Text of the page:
them constitute a just cause of their dismissal, regardless of the
permanent or probationary status of their employment. Failure to
observe prescribed standards of work, or to fulfill reasonable
work assignments due to inefficiency may constitute just cause
for dismissal. This management prerogative of requiring standards may
be availed of so long as they are exercised in good faith for the
advancement of the employer's interest.

Mariwasa & Dazzzo v. Leogardo (MOLE PR) & Dequila / GR No.


74246 / 1.26.89 / Groups of Employees - Probationary Employees
282(281) / Narvasa, J p:
F: PR was hired by P under ProB, after such period she was advised that
her performance was unsatisfactory, to give her a chance instead of
dispensing, another 3 months will be added to her ProB. P didnt
improved, she was terminated. Suing, NCR MOLE dismissed her case,
appealing to the MOLE reversing, declaring her already a regular
employee when dismissed. Hence this.
I: WON ProB status may be extended.
R: Petition Granted. MOLE order reversed. It was held in Buiser vs.
Leogardo, 131 SCRA, 151, 156 July 31, 1984, that a stipulation in
an employment contract providing for an eighteen-month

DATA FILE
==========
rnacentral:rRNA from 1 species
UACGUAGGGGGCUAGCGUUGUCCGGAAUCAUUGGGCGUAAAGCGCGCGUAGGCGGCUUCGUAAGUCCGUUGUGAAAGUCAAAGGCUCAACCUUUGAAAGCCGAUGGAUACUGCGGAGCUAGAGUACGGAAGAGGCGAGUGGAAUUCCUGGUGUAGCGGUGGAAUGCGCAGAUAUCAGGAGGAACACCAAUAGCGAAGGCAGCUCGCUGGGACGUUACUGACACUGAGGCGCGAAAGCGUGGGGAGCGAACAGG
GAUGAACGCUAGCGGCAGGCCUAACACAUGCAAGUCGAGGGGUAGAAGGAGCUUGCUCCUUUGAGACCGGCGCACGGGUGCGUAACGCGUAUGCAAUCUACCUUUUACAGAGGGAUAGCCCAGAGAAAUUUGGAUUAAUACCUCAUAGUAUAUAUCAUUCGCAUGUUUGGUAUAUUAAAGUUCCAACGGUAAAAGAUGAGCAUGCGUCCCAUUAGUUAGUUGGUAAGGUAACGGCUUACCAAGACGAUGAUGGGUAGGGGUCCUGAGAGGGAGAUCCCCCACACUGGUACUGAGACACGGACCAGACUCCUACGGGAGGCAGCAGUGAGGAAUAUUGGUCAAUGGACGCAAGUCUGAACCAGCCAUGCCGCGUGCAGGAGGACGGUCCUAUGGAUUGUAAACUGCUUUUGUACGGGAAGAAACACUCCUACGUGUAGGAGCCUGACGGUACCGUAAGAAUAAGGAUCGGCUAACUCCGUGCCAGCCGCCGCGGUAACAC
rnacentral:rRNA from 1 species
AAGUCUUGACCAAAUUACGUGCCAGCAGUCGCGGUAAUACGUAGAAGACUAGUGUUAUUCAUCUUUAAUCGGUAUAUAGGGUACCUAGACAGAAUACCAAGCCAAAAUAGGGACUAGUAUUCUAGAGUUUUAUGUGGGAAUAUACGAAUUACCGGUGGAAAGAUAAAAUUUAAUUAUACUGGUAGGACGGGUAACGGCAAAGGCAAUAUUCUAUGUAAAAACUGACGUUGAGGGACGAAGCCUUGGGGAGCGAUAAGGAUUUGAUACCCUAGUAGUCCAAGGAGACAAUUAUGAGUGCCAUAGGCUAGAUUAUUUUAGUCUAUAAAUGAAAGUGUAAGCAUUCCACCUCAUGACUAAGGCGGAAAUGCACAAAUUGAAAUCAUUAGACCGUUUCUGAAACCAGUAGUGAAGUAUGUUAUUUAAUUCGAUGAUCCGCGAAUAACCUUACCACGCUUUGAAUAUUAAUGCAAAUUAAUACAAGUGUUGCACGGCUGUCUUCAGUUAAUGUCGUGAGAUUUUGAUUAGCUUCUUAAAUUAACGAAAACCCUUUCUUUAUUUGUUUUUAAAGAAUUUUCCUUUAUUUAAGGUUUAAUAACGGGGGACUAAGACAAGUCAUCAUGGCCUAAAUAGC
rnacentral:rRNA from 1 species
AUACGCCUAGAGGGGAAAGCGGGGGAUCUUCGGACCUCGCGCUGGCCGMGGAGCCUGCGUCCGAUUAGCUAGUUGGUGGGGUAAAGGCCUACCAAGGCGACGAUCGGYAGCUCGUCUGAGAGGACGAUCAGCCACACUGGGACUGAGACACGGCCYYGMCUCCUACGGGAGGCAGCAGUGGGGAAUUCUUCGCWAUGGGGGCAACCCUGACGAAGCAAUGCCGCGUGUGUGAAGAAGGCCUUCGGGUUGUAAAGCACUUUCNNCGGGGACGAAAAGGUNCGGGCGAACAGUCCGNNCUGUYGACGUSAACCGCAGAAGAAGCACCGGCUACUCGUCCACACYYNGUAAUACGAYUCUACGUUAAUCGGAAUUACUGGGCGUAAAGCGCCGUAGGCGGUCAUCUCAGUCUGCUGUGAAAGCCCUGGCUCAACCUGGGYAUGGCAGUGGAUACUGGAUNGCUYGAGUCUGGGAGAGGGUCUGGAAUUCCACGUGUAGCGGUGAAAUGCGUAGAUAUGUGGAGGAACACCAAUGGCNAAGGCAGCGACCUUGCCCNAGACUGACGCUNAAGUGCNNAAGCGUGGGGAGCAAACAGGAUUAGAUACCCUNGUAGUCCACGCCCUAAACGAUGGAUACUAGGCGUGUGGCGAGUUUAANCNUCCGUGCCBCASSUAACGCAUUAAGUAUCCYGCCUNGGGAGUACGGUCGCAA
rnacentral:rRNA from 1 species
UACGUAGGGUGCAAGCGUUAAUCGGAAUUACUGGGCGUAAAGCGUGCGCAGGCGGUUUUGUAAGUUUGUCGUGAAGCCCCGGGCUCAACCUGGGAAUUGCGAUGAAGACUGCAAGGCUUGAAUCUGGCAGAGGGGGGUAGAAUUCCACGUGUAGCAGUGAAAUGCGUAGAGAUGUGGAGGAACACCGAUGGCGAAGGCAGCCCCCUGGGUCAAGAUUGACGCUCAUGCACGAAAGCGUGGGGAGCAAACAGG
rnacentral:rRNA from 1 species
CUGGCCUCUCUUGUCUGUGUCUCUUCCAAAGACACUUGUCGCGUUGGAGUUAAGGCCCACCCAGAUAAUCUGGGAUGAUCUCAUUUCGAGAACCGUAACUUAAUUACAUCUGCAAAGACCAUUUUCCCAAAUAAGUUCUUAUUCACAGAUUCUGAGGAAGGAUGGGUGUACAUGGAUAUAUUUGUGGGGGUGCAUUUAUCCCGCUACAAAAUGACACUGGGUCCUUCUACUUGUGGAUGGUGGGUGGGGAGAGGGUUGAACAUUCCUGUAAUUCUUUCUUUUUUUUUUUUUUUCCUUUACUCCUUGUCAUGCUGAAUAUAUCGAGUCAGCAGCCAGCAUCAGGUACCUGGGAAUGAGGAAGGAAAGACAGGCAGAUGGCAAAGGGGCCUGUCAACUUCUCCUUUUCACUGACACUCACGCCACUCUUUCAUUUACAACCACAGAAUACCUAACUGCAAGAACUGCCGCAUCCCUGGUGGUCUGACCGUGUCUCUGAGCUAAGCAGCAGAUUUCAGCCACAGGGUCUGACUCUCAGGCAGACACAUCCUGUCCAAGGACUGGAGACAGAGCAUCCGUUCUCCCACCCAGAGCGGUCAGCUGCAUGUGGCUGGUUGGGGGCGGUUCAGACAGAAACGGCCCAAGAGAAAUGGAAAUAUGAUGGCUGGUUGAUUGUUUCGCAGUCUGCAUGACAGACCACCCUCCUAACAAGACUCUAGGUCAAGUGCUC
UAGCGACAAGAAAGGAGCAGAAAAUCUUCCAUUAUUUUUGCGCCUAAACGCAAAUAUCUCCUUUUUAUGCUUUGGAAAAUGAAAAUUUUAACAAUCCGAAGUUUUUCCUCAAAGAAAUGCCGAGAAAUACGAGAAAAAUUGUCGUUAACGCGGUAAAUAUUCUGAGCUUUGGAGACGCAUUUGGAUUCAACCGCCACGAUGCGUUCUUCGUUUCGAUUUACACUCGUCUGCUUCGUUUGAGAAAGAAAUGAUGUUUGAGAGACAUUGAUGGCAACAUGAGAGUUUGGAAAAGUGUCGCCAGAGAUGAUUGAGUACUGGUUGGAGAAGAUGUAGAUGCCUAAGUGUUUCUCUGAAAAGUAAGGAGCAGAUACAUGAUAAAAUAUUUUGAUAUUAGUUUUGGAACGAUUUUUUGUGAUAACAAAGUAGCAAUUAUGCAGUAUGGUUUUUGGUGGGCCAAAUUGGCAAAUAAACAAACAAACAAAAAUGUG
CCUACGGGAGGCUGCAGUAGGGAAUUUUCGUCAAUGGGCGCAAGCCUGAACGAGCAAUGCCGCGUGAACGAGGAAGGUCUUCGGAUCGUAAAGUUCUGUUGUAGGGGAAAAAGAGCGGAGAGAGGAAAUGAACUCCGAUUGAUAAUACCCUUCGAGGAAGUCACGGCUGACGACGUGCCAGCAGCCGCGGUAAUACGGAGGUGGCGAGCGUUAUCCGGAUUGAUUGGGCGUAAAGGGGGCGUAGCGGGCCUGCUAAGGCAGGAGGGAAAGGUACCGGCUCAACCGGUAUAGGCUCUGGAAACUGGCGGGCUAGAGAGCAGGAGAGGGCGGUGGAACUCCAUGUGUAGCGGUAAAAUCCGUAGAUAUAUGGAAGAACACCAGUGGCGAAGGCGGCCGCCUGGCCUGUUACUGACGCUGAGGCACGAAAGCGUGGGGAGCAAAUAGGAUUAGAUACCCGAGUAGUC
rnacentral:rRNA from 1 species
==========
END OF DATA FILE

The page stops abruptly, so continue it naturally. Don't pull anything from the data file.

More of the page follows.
probationary period constitutes a lawful exception to the
statutory prescription limiting such periods to six months. By
voluntarily agreeing to an extension of the probationary period,
Dequila in effect waived any benefit attaching to the completion
of said period if he still failed to make the grade during the
period of extension.
For aught that appears of record, the extension of Dequila's
probation was ex gratia, an act of liberality on the part of his
employer affording him a second chance to make good after
having initially failed to prove his worth as an employee. Such an
act cannot now unjustly be turned against said employer's
account to compel it to keep on its payroll one who could not
perform according to its work standards. The law, surely, was
never meant to produce such an inequitable result.
By voluntarily agreeing to an extension of the probationary period,
Dequila in effect waived any benefit attaching to the completion of said
period if he still failed to make the grade during the period of extension.
The Court finds nothing in the law which by any fair
interpretation prohibits such a waiver. And no public policy
protecting the employee and the security of his tenure is served by
proscribing voluntary agreements which, by reasonably extending the
period of probation, actually improve and further a probationary
employee's prospects of demonstrating his fitness for regular
employment.

Holiday Inn Manila, Liner &or Disquitado v. NLRC & Honasan / GR